On the corner of LuAnn Adams’ desk sits a silver saddle stirrup inscribed with the words “Always Circle The Herd.” The memento is a gift Adams received from a colleague when she was named Utah’s seventh commissioner of agriculture and food and became the first woman to hold the job. It is a reminder of the advice she often gives new people joining the commission when they “act like they could change the world,” Adams says. “I love enthusiasm, but I always tell people to take the time to circle the herd, get to know your team, talk to the people you serve and really listen before implementing big change,” she says. Not that Adams is afraid of change; she’s heavily involved in the state’s contentious water and environmental issues, including invasive species laws and highly contested grazing rules. Adams helped shepherd new state programs such as “Utah’s Own,” which reconnects consumers with their food supply and promotes the benefits of the state’s locally grown and processed foods, which represent 14% of Utah’s economy. And she stands firm in her opinion that the federal government needs to completely overhaul the guest worker program. “The paperwork and rules today are ridiculous for a working farmer or rancher to manage,” she says.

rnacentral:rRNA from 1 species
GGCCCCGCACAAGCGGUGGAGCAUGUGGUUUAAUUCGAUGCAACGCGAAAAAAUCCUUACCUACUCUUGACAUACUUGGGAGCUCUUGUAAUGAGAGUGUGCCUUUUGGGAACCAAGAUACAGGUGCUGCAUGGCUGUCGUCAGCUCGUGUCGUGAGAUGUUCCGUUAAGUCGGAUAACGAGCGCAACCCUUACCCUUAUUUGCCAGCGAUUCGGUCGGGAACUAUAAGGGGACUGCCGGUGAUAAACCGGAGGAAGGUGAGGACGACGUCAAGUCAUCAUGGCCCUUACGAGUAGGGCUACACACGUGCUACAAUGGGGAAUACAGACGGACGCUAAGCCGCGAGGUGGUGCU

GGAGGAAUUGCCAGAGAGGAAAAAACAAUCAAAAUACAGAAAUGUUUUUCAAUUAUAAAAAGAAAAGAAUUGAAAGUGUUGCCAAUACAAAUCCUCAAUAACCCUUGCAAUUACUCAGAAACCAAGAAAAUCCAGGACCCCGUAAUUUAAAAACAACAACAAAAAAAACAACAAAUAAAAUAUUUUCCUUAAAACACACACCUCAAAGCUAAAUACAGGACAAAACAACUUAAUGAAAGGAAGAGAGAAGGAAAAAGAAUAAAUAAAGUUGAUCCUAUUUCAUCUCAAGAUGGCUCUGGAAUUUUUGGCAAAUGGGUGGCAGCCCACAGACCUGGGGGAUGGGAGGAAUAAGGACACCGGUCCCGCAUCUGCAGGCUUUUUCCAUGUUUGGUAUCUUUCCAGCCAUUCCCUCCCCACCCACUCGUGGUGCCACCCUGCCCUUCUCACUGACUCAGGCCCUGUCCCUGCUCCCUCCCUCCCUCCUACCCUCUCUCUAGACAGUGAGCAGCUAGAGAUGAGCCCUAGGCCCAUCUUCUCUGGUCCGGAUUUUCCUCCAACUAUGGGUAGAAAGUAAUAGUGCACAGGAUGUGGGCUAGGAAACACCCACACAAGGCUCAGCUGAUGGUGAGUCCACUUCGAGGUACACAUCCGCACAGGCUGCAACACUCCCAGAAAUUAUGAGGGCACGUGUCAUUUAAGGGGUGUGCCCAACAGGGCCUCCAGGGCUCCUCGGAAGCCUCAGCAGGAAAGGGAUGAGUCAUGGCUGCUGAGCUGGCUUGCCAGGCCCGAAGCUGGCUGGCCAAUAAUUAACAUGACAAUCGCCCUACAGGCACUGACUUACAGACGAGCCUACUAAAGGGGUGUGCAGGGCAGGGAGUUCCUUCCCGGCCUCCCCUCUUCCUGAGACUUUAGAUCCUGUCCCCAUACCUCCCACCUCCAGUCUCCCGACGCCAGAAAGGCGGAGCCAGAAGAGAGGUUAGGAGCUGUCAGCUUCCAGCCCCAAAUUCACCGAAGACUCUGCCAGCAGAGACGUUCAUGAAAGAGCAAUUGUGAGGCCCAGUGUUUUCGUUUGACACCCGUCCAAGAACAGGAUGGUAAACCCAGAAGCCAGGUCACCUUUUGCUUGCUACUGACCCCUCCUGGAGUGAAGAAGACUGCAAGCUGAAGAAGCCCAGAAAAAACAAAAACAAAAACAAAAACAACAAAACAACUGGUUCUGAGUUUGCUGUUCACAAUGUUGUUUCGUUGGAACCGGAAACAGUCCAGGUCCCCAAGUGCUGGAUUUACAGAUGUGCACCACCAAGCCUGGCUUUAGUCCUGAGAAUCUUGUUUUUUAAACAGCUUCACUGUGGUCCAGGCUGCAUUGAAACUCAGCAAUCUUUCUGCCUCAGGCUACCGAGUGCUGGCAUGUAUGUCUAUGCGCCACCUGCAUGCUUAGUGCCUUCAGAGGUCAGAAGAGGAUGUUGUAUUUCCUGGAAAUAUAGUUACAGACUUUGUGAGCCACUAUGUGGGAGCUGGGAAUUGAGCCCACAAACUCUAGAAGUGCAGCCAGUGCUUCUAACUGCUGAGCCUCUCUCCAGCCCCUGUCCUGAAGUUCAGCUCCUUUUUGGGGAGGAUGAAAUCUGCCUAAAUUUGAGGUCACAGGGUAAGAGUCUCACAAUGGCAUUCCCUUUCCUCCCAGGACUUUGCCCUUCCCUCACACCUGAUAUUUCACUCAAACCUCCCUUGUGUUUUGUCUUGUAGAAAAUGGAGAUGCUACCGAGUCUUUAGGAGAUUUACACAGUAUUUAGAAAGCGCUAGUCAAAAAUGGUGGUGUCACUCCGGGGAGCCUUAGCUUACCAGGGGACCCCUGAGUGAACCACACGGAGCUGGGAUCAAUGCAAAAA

A self-described cowgirl who loves to ride horses and cook dinner for her 12 grandchildren, Adams still carries the work ethic of the ranches she grew up on and the 1,000-cow operation she and her husband operate outside of Salt Lake City. Adams takes over the ag department at a time when Utah’s farm income—up 28% since 2007—is rising. With more small farms in niche markets, the number of farms is also growing. Adams embraces new players in her state’s ag market, such as hydroponic tomato growers and the growing demographics of young and female producers. After all, she knows it’s important to circle her herd—whether they be cows, farmers or fellow lawmakers.
Appointed as the first female commissioner of the Utah Department of Agriculture and Food in 2014, LuAnn Adams has worked to build consensus among ranchers, environmentalists, crop producers and small urban farmers. She feels most at home, though, on her family’s ranch.
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